The draft screening assessment report for TiOand related titanium compounds is scheduled for publication in Canada in 2023, under the federal government’s Chemicals Management. The Canadian government was clearly leaning towards a declaration for TiOsimilar to that of the European Union in 2020. Industry is now hopeful Canada will seriously consider recent decisions taken in Europe in November 2022 wherein the European General Court quashed the European Commission’s 2020 classification of TiOas a Category 2 carcinogen. Until that happened, the coatings industry and others were bracing for the impact if that were the same course of action taken in Canada, as TiOis widely used in the coatings industry and many others. No further data is being sought by Canadian officials as there appears to be an adequate toxicological database for an informed decision in the imminent TiOassessment. Industry stakeholders are still waiting to see the selected data endpoints and calculated margins of exposure once the Government’s draft assessment is published this spring.

When the EU classification was issued in 2020, the industry in Europe, North America, and in other countries strongly contested it and argued the decision was flawed. It was not based on substantive scientific data. Industry organizations lobbying the European Commission’s technical agencies demanded a more rational science-based approach. These groups included association members of the World Coatings Council (WCC) such as CPCA, ACA, BCF, ABRAFATI, CEPE and others. Of course, the Titanium Dioxide Manufacturers Association (TDMA) was leading the effort and left no stone unturned in refuting such an arbitrary approach to the data supporting the Category 2 classification.

The final push came with an appeal to the European General Court, which quashed the 2020 decision by EU authorities because it clearly made an error in classifying TiOwithout robust data to back it up. Industry would never be able to secure an outcome for any chemical assessment without the substantive scientific data to support its case. The growing concern today is legislators are seeking more restrictive chemical regulations that are held to a lower data threshold than in the past. Conversely, industry is increasingly required to meet a much higher threshold to maintain the status quo of a chemical in commerce. Many argue this is an unsustainable approach and begs the question, will the final arbiter of regulatory decisions be played out in legal challenges rather than as a matter of public policy?

The European Court ruling was viewed by the courts as ‘interpretation’ of limited data leading to a significant error in the final TiOassessment. In fact, EU agencies relied essentially on just one particular study in making the classification based on the ‘potential’ for TiOto become toxic in future. Secondly, it infringed on the established criterion for a Category 2 classification for chemical substances, meaning it did not prove that it had an ‘intrinsic property’ to cause cancer, rather than merely the ‘potential’ to do so. Thankfully, the judgement reversed the highly disruptive classification and labelling requirements already implemented under the 2020 declaration.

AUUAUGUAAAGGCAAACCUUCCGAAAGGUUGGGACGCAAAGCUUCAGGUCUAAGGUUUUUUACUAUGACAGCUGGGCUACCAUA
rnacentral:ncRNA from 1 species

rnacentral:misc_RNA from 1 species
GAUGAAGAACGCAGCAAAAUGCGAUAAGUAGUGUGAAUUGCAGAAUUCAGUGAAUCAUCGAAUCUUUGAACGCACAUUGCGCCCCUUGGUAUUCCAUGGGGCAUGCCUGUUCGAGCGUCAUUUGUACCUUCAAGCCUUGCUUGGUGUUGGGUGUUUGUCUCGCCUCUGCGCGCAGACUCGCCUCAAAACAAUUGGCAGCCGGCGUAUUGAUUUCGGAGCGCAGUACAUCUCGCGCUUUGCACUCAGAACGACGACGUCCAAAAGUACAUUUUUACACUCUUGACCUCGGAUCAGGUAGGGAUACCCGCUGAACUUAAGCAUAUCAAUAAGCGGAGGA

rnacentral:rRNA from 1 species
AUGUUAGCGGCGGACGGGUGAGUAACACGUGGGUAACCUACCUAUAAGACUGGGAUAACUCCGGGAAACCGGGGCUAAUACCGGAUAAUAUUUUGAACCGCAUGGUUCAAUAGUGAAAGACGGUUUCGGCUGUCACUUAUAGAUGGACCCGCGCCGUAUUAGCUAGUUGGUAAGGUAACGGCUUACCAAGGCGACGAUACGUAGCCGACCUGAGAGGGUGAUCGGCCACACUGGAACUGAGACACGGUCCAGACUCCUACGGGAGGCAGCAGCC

The EU Court’s decision makes a very strong point on the role of public policy in the quest for more stringent chemical restrictions, however well intentioned. Indeed, the hope is this precedent will inform future classification decisions, which will demand that regulatory authorities submit to a higher regulatory standard in making final decisions on chemical regulations. Had it been left to stand, the EU classification would have also set a bad precedent for other chemical assessments of substances in a powder form (poorly soluble low-toxicity particles or PSLT), not only in the EU, but in other jurisdictions around the world. This may still influence the upcoming TiO2 risk assessment in Canada should stronger data come to light.

Furthermore, and as important, is the hope that the TiO2 decision will inform current deliberations on the reform of the Canadian Environmental Protection Act (CEPA) as outlined in the proposed amendments in Bill S-5 for chemicals in commerce. While industry generally supported the Government of Canada’s CEPA amendments for chemical assessment, it raised many serious concerns about the 62 additional amendments made by the unelected Senate. Senators admitted they did not have the technical or scientific background to propose such amendments and yet those amendments went forward to the House of Commons for consideration. That is where they are now and they are expected to finalize the amendments in the coming weeks.

Some of the proposed amendments are concerning. For example, imposing a ‘time-clock’ on assessments, loosely defining environmental justice concepts, removing critical CBI submitted by industry in the assessment process, a controversial ‘watch-list’ of already regulated substances submitted to the Minister by the public, without a clearly established protocol as to how they would be removed, if ever. The watch-list will only harm the reputation of established brands and products even though they are regulated and can be sold in Canada. Some of these amendments are expected to be passed into law without full clarity on how the regulations are to be administered, which amounts to a ‘trust us’ approach to legislation. Amendments moving forward in such a manner are very likely to lead to similar litigation in Canada as we saw in the EU’s wrongful classification of TiO2. If that were to happen it would serve no one’s interest, neither the government, industry or the public. It would call into question the best practices used for chemical assessment in Canada and weaken Canada’s image in the world further dampening direct foreign investment and innovation. It would also do little, if anything, to further the protection of human health or the environment.